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Live from Skoll World Forum 2015

With so much going on at the 2015 Skoll World Forum, it's impossible to participate in everything. Our bloggers are sitting in on many of the exciting sessions at this year's event. Read their concise notes and observations to catch up on important discussions you may have missed.

 
 
 
 
 
 
 
 
 
 
 
 
 
 
 
 
 
 
 
 
 
 
 
 
 
 
 
 
 
 

FORUM2015: Increase Happiness with the Impact Jackpot

FORUM2015: Increase Happiness with the Impact Jackpot

April 28, 2015 | 2115 views

FIGHTING POVERTY, DESIGNING FOR HAPPINESS
WED, APRIL 15, 2015; 13:30 – 14:45

“If we are not creating happiness, why are we bothering with this stuff?”

Kevin Starr, Director of Mulago Foundation, emphasized the importance of happiness in the fight against poverty. This might not be part of the day-to-day concerns of a social entrepreneur. But after hearing his wise words, I strongly advise that it should be.

Costa Rica came out on top as the happiest place on earth, with 86 percent of people reporting that they lived happy lives. Why? It was not just about the surf, but rather due to long life expectancies, peace, low corruption, steady growth, and a “pura vida” culture.

Togo was rated the least happy place on earth, with only 26 percent of the population feeling they had a happy life. The reason for its population’s dissatisfaction with life came from the hereditary dictatorship the country has endured for the last 50 years, terrible infrastructure, high corruption, government-controlled industry, and a “complaining” culture. The Togolese feel even worse off in the shadow of their rapidly-progressing neighbor, Ghana.

Sadly, Togo is not the only unhappy nation. Looking at nations where happiness is at its lowest, we see four common characteristics: anxiety, loss, lack of social mobility and aspiration, and feeling relatively worse off than a neighboring country.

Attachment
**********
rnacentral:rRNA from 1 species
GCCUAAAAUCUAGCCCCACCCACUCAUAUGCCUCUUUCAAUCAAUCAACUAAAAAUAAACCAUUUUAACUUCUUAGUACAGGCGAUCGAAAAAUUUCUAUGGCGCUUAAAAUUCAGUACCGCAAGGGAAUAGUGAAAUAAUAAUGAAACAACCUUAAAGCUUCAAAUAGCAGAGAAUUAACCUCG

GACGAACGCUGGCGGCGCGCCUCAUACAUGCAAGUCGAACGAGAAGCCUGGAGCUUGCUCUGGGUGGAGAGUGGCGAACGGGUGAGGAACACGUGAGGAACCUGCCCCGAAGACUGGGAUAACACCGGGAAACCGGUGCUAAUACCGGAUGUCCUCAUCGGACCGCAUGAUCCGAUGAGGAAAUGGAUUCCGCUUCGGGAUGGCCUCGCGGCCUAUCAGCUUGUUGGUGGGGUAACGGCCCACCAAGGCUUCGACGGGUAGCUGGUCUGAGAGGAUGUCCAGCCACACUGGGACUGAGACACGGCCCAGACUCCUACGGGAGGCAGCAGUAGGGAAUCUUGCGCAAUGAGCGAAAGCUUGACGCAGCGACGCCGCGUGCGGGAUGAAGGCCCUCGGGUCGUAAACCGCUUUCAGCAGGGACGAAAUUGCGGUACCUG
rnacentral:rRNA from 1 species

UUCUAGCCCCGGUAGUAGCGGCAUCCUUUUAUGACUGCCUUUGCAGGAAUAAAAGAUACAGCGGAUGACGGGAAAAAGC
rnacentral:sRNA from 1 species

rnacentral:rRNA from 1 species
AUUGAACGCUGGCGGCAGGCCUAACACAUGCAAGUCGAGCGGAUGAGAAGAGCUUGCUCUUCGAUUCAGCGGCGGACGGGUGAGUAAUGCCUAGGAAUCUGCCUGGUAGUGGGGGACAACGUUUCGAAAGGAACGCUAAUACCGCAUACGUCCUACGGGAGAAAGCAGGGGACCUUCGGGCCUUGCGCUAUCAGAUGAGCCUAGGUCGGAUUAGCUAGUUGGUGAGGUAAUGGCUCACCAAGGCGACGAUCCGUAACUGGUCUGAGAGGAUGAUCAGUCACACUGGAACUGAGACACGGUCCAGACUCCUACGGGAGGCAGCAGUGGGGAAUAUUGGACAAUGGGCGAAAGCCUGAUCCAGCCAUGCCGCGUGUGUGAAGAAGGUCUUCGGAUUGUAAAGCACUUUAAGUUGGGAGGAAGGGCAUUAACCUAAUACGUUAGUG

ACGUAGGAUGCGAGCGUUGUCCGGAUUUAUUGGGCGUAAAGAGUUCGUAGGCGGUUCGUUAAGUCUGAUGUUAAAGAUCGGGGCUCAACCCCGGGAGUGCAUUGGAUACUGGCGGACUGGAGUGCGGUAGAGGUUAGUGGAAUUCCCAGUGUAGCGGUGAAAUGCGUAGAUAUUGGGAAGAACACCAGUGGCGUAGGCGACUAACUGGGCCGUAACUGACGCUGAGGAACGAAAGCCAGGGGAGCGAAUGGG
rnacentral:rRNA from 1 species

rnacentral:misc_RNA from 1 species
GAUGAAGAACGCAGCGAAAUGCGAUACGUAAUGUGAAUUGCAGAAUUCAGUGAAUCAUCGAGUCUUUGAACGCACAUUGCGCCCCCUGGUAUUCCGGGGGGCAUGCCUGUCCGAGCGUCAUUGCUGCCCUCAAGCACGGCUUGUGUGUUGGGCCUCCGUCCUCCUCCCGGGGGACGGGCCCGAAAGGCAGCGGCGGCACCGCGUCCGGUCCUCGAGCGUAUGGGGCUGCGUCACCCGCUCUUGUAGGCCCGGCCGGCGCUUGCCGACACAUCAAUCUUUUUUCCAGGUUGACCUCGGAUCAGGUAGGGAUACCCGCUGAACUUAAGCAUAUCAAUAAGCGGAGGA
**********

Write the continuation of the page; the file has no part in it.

Recommended: Fighting Poverty, Designing for Happiness

Equally, looking at the happiest nations, Starr suggested four common characteristics that bring about happiness. In happy countries, people feel that all their basic needs are met, they have prospects throughout life to aspire and work toward, there are lots of zero-sum activities (reciprocation), and everyone has the ability to participate.

Interestingly, money was not one of the most important factors for happiness. Starr instead characterized it as a “basic need” in our “cash world”. This argument of moving beyond a rubric of using only GDP to measure a country’s success aligns with the Social Progress Index (SPI).

The SPI aggregates social and environmental indicators that capture three dimensions of social progress: basic human needs, foundations of wellbeing, and opportunity. The index focuses on outcomes, rather than inputs.

As GDP increases, happiness does not necessarily follow suit. There is a level of GDP where a nation is relatively well off on average, and at which happiness increases due to many other factors besides wealth. Thus, as Starr showed using graphs of GDP plotted against happiness levels, we can make a huge impact on a country’s overall happiness by working with the poorest individuals in that society, significantly increasing the nation’s overall lifetime happiness.

Starr called this sort of country-wide and long-lasting impact “the impact jackpot.”

 
 
 

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